Relapsed smokers can be successfully re-treated

March 23, 2001

OHSU study indicates that drug works well the second time around

PORTLAND, Ore. - In one of the first "recycling" studies to examine people who attempt to quit smoking after first failing medical treatment, researchers at Oregon Health Sciences University and their colleagues found abstinence rates five times greater for participants taking bupropion compared to participants taking a placebo. Study results are being presented at 12 p.m. on Saturday, March 24, at the Society for Research on Nicotine and Tobacco Annual Meeting in Seattle.

"Patients often feel discouraged following treatment with medications such as bupropion or nicotine patches if they are unable to successfully quit smoking," said David Gonzales, Ph.D., director of the OHSU Smoking Cessation Center and lead author of the study results. "However, evidence-based options for patients in this situation have been few. This is the first study to show that smokers can be retreated with bupropion successfully."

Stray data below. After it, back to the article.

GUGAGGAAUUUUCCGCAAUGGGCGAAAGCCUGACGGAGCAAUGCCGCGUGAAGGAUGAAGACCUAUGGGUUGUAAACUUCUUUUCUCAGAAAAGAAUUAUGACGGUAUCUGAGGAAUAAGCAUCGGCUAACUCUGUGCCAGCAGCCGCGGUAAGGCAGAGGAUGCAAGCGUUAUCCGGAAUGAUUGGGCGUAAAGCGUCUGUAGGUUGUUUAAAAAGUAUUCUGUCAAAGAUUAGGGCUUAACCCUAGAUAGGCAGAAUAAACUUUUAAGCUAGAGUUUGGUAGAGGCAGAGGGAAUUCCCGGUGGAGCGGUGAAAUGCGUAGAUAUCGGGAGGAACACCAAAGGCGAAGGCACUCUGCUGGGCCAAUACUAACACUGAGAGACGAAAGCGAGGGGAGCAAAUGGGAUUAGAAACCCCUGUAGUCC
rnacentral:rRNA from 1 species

Bupropion, marketed in sustained release form as Zyban, is a nicotine-free prescription medication designed to reduce nicotine cravings and other symptoms normally associated with nicotine withdrawal. The multicenter study involved 450 adult cigarette smokers who averaged 15 cigarettes per day prior to the study, and who had been unable to quit or had relapsed after a previous course of bupropion. Study participants were randomly selected to receive bupropion SR or a placebo.

Typically, people who attempt to quit smoking on their own experience 5 percent to 7 percent success rates, while smokers who try bupropion a first time generally enjoy a better-than-30 percent long-term success rate. In this study, smokers re-treated with the drug had a 27 percent abstinence rate after seven weeks, compared to 5 percent abstinence for the placebo group. At 12 weeks, 20 percent of smokers being re-treated were still smoke free compared to three percent of the subjects in the placebo group.
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Zyban is marketed by GlaxoSmithKline Pharmaceuticals.

Oregon Health & Science University

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